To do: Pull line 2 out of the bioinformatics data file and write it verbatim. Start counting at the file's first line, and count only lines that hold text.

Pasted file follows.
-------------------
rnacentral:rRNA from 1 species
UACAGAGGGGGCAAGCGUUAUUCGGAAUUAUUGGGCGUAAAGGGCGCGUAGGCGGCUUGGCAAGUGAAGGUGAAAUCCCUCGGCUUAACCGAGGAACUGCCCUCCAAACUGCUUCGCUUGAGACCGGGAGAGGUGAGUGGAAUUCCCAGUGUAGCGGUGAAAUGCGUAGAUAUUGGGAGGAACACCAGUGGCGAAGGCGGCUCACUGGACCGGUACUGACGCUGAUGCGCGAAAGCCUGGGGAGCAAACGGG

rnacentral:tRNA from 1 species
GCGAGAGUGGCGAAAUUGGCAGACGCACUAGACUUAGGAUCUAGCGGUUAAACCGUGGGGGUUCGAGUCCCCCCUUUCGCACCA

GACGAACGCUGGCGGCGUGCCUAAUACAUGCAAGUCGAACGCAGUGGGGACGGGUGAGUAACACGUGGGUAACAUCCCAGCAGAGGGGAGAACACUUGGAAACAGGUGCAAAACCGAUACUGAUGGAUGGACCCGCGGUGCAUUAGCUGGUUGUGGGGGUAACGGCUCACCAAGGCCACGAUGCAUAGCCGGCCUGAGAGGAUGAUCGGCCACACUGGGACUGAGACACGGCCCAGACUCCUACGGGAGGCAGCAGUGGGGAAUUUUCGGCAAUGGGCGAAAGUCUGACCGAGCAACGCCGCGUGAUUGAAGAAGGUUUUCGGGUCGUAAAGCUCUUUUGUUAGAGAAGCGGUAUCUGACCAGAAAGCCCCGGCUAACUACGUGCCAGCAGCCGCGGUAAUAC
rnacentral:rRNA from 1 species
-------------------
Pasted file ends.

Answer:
UACAGAGGGGGCAAGCGUUAUUCGGAAUUAUUGGGCGUAAAGGGCGCGUAGGCGGCUUGGCAAGUGAAGGUGAAAUCCCUCGGCUUAACCGAGGAACUGCCCUCCAAACUGCUUCGCUUGAGACCGGGAGAGGUGAGUGGAAUUCCCAGUGUAGCGGUGAAAUGCGUAGAUAUUGGGAGGAACACCAGUGGCGAAGGCGGCUCACUGGACCGGUACUGACGCUGAUGCGCGAAAGCCUGGGGAGCAAACGGG